June 19, 2011
Solemnity of the Most Holy Trinity
Twenty years ago on May 26, 1991 The Solemnity of the Most Holy Trinity was the Sunday on which I celebrated my first Mass as a priest. It was a very hot day, temperature in the 90’s for Memorial Day Weekend. It was a grace-filled wonderful day for me and all my family. Now on the Solemnity of the Most Holy Trinity, 2011 I celebrate my final weekend Masses with you as your pastor.
Please accept my overwhelming feeling of gratitude for you and these past twelve years we have spent together.
I could not list for you all the memorable experiences I have shared with you that have been such an important part of my life. God has been so good to us all. When I recall specific events, both ones of great joy and happiness and ones of sorrow and tragedy, I realize it is necessary to see them all as one. One great experience of grace during which the Lord has been present to us all in so many different ways.
I am grateful for your generosity, support, love, and friendship. I am grateful for your encouragement, prayers, assistance, and faith. I am grateful too for your suggestions and corrections from which I have learned. I am grateful for your compassion and forgiveness. I have learned from all that we were able to accomplish together and hopefully I have learned from my mistakes, blunders, missteps, and sins.
Thank you for all the enjoyment we have shared over the years. Thank you for the Masses, the Days of Confession, the projects, the social events, the many meetings and working together for all our ministries and activities. Thank you most recently for all the love and support you have shown to me in these farewell events, cards, and memories.
I have used this column to share with you reflections about parish events and news, but mostly I have used this space to reflect on our faith and the Sunday Scripture readings. I will use this concluding column to reflect on the Sunday readings for the Solemnity of the Most Holy Trinity.
The first reading from Exodus speaks of the Lord as “a merciful and gracious God, slow to anger and rich in
kindness and fidelity.” Moses, after bowing down to the ground in worship, asks the Lord to “come along in our company...and receive us as your own.” Moses desires for his people to be close to the Lord, to be a part of their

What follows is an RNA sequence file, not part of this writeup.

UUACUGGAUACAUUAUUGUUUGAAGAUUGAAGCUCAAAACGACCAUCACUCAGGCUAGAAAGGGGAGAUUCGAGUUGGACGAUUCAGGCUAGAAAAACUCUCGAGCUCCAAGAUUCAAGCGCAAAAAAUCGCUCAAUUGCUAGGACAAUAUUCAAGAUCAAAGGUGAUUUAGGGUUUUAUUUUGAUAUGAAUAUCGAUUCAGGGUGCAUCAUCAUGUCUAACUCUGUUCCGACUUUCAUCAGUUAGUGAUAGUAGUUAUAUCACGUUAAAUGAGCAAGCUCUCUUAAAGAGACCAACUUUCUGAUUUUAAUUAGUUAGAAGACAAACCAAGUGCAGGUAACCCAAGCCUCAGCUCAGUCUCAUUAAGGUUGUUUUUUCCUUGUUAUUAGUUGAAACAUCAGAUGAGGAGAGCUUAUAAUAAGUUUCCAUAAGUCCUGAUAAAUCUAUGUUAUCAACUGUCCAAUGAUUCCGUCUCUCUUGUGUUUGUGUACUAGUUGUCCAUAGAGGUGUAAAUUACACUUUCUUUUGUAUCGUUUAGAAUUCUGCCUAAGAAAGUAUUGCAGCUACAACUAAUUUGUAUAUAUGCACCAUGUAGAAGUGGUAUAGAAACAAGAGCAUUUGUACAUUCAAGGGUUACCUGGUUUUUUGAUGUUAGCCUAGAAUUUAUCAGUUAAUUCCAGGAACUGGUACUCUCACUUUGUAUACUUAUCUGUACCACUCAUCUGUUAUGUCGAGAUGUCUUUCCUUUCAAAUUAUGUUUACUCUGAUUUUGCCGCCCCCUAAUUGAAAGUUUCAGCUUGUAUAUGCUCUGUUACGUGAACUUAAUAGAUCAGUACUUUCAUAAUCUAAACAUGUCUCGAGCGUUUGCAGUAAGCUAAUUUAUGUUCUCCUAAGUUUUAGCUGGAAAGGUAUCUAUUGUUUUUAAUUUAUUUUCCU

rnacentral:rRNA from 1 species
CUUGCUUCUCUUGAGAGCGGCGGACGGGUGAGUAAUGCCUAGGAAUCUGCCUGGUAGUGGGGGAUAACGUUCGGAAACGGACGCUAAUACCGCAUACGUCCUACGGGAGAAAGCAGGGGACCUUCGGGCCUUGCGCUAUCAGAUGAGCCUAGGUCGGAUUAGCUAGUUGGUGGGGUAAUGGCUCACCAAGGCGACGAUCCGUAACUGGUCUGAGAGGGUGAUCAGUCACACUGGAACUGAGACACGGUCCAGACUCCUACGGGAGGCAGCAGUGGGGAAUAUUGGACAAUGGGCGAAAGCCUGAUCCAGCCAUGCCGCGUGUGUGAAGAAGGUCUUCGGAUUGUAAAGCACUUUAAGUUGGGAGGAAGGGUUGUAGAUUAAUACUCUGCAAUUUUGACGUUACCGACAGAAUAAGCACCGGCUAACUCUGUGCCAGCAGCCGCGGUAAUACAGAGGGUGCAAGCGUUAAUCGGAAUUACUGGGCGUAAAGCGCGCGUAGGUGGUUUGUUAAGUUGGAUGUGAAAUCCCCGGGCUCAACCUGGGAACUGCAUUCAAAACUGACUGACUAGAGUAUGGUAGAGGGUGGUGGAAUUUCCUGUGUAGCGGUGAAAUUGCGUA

journey. Hopefully, during these recent years we have come to know the Lord as a merciful God who is always with us on our journey, day after day.
The middle reading from St. Paul is the same as the middle reading from my first Mass twenty years ago. It concludes with the greeting that I use at most every Mass I celebrate: “The grace of the Lord Jesus Christ and the love of God and the fellowship of the Holy Spirit be with all of you.” This greeting at the beginning of Mass states our belief in the Trinity at the very outset of our worship. At the beginning of this reading, St. Paul encourages a spirit of forgiveness, encouragement, and unity. Unity is a greatly needed gift nowadays. We live in a time during which there is too much division. This is true in our Church as well as in our nation. Unity is not to be confused with uniformity. We have diversity in our parish, a diversity that brings with it a richness. Diversity is no obstacle to unity. Diversity may require that we always be attentive to our need for unity. Over the years, I believe our parish has drawn together in many ways and I hope that the need for unity continues to be a priority for Holy Name of Mary as well as for all parishes and all the Church. Our shared faith is the foundation of our unity.
The gospel passage today includes John 3:16, that citation we often see on a placard held up at a sporting event. “God so loved the world that he gave his only Son, so that everyone who believes in him might not perish but might have eternal life.” Eternal life means for us heaven. With the hundreds of families with whom I have prayed at funerals for a loved one, heaven has always been a focus of our faith and our faith imagination. I hope these important times of grief, faith, and prayer have helped to strengthen your belief in heaven. We begin our life of faith at baptism, celebrating that God shares his life with us, Father, Son, and Holy Spirit. We conclude our life here in the sure and certain hope that the “merciful and gracious God” gives to us the gift of eternal life in heaven. We spend our lives in faith, hope, and love so that we might be given the reward of eternal life in heaven.
Please afford Msgr. Sosing the same welcome and support you offered to me in 2000. Msgr. Sosing is a well-experienced priest and pastor. As I have needed your kindness and support, so will he. Please be generous to him as you have been to me in all sorts of ways.
In 1999 Bishop McHugh sent me to Holy Name of Mary to serve you. After awhile I came to know you. I have now grown to love you. My gratitude and prayers for all of you.
Sincerely in Christ,
Monsignor Thomas J. Harold